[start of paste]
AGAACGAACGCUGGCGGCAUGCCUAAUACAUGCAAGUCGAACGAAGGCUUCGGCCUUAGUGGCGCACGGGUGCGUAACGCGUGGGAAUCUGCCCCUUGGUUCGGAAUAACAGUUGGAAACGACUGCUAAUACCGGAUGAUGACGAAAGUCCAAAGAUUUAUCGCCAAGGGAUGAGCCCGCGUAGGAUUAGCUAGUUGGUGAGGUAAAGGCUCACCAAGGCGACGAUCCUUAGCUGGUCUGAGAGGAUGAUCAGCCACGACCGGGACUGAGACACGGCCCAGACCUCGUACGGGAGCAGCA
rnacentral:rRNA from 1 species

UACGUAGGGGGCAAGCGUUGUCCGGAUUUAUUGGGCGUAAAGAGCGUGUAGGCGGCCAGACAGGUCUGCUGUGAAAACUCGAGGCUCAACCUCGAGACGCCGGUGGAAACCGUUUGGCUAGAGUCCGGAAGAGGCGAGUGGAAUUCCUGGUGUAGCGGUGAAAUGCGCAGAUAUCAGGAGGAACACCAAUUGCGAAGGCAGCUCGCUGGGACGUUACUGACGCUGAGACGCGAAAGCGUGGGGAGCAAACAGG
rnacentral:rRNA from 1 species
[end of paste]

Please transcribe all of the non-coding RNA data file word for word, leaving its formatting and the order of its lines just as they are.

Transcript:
AGAACGAACGCUGGCGGCAUGCCUAAUACAUGCAAGUCGAACGAAGGCUUCGGCCUUAGUGGCGCACGGGUGCGUAACGCGUGGGAAUCUGCCCCUUGGUUCGGAAUAACAGUUGGAAACGACUGCUAAUACCGGAUGAUGACGAAAGUCCAAAGAUUUAUCGCCAAGGGAUGAGCCCGCGUAGGAUUAGCUAGUUGGUGAGGUAAAGGCUCACCAAGGCGACGAUCCUUAGCUGGUCUGAGAGGAUGAUCAGCCACGACCGGGACUGAGACACGGCCCAGACCUCGUACGGGAGCAGCA
rnacentral:rRNA from 1 species

UACGUAGGGGGCAAGCGUUGUCCGGAUUUAUUGGGCGUAAAGAGCGUGUAGGCGGCCAGACAGGUCUGCUGUGAAAACUCGAGGCUCAACCUCGAGACGCCGGUGGAAACCGUUUGGCUAGAGUCCGGAAGAGGCGAGUGGAAUUCCUGGUGUAGCGGUGAAAUGCGCAGAUAUCAGGAGGAACACCAAUUGCGAAGGCAGCUCGCUGGGACGUUACUGACGCUGAGACGCGAAAGCGUGGGGAGCAAACAGG
rnacentral:rRNA from 1 species